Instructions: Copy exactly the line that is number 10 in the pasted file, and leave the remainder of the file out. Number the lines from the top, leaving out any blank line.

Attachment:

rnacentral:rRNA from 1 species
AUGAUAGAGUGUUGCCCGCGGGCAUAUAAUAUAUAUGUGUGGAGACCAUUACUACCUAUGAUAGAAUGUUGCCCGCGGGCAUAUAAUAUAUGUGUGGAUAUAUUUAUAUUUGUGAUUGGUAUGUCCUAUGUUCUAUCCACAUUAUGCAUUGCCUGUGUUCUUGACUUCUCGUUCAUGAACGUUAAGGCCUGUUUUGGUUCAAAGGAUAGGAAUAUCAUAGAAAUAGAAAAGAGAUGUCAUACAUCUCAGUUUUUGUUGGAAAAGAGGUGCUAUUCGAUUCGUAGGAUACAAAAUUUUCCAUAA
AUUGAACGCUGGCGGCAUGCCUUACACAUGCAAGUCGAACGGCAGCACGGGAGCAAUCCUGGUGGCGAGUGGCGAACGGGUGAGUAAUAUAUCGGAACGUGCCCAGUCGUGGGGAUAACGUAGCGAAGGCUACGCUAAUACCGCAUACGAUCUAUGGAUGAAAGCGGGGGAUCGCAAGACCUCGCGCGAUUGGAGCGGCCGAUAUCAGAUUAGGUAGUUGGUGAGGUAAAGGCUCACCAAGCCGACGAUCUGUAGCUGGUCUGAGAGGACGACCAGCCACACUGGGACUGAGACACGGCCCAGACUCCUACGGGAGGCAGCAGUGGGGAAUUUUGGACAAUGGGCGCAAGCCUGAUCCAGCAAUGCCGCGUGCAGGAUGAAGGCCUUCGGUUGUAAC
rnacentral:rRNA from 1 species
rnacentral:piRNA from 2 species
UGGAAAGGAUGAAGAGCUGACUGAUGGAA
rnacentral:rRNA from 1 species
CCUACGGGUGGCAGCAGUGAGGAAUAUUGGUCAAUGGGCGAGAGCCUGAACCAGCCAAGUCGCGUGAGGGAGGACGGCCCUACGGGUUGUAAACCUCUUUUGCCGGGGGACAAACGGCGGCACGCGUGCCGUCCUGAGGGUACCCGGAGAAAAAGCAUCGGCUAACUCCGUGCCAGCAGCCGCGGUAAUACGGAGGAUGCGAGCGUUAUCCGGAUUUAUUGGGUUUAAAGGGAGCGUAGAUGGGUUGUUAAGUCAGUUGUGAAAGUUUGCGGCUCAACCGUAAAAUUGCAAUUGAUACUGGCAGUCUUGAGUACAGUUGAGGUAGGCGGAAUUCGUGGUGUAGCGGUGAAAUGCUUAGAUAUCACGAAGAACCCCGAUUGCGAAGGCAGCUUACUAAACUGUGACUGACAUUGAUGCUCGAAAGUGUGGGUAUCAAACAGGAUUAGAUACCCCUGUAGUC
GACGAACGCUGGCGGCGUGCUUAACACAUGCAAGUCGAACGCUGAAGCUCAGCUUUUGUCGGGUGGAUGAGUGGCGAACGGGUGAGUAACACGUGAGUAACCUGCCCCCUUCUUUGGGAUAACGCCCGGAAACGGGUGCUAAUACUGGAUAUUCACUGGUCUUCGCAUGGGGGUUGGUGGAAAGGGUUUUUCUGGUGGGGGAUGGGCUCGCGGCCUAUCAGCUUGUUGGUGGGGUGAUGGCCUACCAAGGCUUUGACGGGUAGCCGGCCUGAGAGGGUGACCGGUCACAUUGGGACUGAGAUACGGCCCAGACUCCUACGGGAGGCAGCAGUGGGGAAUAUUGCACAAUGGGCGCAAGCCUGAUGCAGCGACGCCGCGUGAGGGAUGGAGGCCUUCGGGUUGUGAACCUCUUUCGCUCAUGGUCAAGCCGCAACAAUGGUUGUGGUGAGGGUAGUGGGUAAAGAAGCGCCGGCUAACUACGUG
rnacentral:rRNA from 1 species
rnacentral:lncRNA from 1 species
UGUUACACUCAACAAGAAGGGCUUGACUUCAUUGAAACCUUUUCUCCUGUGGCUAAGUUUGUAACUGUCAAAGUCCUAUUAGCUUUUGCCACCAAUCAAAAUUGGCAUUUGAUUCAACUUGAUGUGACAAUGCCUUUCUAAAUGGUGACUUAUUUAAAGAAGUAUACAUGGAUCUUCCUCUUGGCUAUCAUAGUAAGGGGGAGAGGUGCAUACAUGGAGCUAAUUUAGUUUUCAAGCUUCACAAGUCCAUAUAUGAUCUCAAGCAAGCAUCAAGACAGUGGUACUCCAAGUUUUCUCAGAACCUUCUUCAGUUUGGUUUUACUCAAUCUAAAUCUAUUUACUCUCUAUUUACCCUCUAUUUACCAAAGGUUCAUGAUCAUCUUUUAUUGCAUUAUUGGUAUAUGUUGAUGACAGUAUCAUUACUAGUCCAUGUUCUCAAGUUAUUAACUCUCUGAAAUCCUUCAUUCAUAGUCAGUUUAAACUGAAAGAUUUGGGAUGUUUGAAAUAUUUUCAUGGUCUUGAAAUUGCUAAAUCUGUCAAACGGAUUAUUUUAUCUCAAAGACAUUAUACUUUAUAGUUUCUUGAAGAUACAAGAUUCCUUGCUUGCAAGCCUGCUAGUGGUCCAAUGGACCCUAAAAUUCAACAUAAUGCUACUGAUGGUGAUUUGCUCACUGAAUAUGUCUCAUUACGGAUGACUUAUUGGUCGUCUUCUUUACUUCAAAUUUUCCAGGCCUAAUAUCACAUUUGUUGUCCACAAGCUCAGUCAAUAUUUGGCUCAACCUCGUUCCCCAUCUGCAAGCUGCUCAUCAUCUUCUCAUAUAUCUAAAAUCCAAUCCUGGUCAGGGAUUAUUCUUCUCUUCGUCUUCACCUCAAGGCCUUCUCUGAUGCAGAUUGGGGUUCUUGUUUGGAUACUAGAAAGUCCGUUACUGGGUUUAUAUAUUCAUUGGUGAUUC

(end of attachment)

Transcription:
rnacentral:rRNA from 1 species